The development of a perpetual calendar for the LANGE 1 challenged Lange’s engineers and watchmakers in many respects. To preserve the characteristic design with the asymmetric arrangement of the time indications, the calendar displays had to be repositioned. The result was a totally new display concept with a peripheral month ring as its most salient design element.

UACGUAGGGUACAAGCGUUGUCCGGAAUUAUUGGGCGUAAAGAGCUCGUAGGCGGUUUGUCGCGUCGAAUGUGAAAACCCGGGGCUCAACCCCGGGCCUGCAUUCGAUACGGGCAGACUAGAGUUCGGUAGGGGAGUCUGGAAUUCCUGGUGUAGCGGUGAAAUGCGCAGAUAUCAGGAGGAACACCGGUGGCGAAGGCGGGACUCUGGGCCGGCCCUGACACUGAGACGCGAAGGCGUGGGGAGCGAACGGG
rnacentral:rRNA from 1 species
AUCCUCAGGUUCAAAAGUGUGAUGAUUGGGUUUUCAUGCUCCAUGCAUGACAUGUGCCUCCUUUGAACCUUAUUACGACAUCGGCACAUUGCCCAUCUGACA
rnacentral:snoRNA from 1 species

A totally new mechanism was needed to execute the switching process for which the month ring has to traverse a relatively long distance because of its unusual position on the periphery. Thus, contrary to conventional mechanisms, the durations of the months are not coded on a separate programme wheel: they are sampled directly at the month ring. It features a contour with twelve recesses on its bottom side. A lever glides along this contour and “reads” the depths of the recesses. The deeper the recess, the shorter the month, and the earlier the switching process is triggered for the next month jump. In February, the extender of the sampler lever concurrently makes contact with a cam beneath the leap-year display. If it comes to rest against the larger radius of the cam, this means that the mechanism has to switch after 29 days (leap year). Otherwise, if it senses the smaller radius, the switching action in the month of February takes place after 28 days.